A cluttered space can restrict your ability to focus, so you'll want to stay organized. Whether you simply need a spot to keep your to-do list or you regularly file work-related papers, you'll likely need some organization furniture and accessories.
Here are some work-from-home equipment options that can help you get organized:
Weigh your options and stick to only what you need. It can be tempting to buy all the things when you work from home, but you don't want to clutter your space. And don't forget that it'll be up to you to clean your desk and accessories so that your workstation is always ready for you the next day.

4. Power Accessories

Most work-from-home professionals rely heavily on tech, so you'll want the right power accessories to support your devices. Nothing takes the wind out of a workday like a dead wireless keyboard or having your iPhone die right when you're doing an iOS-specific task.
Here are some items you might need:
It helps to also get a desk that has features which help with cable and power organization. That way, if you have multiple devices on your desk that need charging, you won't have wires everywhere that clutter up your workspace.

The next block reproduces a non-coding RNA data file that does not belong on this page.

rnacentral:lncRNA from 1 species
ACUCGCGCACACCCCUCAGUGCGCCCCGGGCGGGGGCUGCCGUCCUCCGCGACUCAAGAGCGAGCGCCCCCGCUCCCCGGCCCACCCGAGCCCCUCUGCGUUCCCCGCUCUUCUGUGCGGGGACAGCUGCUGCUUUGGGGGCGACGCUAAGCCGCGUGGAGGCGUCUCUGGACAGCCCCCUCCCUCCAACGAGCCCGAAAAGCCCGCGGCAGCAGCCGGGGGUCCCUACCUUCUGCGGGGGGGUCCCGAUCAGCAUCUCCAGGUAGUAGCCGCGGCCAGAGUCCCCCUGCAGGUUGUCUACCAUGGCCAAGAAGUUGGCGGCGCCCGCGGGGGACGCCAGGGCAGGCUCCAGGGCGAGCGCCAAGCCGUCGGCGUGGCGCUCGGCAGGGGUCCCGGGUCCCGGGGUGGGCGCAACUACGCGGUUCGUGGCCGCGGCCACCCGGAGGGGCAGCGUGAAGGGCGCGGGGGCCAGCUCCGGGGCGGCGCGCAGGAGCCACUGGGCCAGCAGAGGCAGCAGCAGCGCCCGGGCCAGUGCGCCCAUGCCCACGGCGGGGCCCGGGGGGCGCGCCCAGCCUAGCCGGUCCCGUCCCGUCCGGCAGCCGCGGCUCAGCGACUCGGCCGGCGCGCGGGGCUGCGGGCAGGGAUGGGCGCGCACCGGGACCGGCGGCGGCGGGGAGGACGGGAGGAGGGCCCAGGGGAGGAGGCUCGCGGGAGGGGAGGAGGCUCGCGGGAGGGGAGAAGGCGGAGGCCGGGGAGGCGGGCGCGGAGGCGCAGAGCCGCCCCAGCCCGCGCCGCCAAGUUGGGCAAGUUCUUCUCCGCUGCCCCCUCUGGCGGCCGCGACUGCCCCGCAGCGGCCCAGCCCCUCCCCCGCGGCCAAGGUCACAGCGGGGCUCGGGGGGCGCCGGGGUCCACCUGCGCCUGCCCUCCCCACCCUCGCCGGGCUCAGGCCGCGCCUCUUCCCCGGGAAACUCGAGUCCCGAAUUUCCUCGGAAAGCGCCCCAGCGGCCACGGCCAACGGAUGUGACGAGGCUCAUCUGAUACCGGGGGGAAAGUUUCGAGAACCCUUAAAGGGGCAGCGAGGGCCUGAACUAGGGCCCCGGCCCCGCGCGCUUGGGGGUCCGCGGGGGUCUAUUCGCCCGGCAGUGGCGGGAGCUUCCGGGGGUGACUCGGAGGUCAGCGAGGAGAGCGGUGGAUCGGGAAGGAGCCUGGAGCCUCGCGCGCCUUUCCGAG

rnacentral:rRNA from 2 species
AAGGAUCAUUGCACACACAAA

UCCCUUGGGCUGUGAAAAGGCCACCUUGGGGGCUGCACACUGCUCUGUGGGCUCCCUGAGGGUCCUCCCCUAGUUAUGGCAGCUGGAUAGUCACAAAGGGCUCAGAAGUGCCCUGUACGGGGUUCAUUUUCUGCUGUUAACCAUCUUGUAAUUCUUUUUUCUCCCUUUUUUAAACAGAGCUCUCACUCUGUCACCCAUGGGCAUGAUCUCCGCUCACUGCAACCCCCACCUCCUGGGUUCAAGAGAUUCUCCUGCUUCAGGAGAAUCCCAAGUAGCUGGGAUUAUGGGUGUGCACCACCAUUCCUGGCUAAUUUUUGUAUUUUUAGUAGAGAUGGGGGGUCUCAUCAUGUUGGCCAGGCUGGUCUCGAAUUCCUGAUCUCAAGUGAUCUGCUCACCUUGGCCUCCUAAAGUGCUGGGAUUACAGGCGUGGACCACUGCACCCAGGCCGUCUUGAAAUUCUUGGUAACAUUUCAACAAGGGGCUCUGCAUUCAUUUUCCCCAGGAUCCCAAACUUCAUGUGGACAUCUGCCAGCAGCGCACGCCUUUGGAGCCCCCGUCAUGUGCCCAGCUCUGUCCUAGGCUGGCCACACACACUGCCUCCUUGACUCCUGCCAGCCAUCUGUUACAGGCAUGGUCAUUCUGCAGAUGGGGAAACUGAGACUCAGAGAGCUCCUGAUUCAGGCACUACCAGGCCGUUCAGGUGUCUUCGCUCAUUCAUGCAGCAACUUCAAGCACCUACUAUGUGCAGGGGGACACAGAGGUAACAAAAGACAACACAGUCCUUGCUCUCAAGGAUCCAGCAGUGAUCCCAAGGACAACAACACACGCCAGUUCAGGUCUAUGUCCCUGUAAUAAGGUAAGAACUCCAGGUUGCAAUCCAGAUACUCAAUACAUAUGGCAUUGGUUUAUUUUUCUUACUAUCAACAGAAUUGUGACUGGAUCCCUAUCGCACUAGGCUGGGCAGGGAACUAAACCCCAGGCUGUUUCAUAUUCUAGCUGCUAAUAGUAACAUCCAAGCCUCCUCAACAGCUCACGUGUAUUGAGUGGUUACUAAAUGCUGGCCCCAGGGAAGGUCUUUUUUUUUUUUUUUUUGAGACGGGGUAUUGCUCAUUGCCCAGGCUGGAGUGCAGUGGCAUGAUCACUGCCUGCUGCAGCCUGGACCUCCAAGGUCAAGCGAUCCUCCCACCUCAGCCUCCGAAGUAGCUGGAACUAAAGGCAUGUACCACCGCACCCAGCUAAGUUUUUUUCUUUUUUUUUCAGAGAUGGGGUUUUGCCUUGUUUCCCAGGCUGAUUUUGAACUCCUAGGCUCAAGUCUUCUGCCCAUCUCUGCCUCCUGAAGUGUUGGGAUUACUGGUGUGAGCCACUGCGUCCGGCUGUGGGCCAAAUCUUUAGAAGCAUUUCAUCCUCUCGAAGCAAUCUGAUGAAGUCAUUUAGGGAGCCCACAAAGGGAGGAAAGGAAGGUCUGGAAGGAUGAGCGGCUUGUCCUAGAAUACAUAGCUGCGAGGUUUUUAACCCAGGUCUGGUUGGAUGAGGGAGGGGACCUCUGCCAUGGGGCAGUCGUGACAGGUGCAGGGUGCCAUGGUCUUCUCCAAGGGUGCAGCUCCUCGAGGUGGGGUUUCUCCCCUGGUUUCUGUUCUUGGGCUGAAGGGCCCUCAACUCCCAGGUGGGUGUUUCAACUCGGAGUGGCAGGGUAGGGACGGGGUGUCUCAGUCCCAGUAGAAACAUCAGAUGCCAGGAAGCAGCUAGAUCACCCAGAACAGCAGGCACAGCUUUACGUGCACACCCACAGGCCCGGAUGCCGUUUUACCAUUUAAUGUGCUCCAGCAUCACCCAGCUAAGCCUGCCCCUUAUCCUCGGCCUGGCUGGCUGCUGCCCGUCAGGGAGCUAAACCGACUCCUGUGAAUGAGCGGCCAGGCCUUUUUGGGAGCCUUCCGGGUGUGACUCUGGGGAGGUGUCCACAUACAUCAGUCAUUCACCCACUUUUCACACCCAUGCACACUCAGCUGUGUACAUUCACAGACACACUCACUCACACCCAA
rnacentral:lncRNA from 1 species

Make It Your Own!

Remember to go for quality over quantity when picking your work-from-home equipment. Investing in high-quality products can save money in the long term because they'll usually last longer. And with office furniture, it's more than worth it to protect your spine and joints with ergonomic designs!
It can help to buy all of your office equipment from one company, or at least as much of it as possible. This approach can save you money on shipping, allow you to find items that work well together, and help you create an effortlessly cohesive aesthetic. And if you're short on time, our Design My Office feature can help you cover the essentials with personalized recommendations.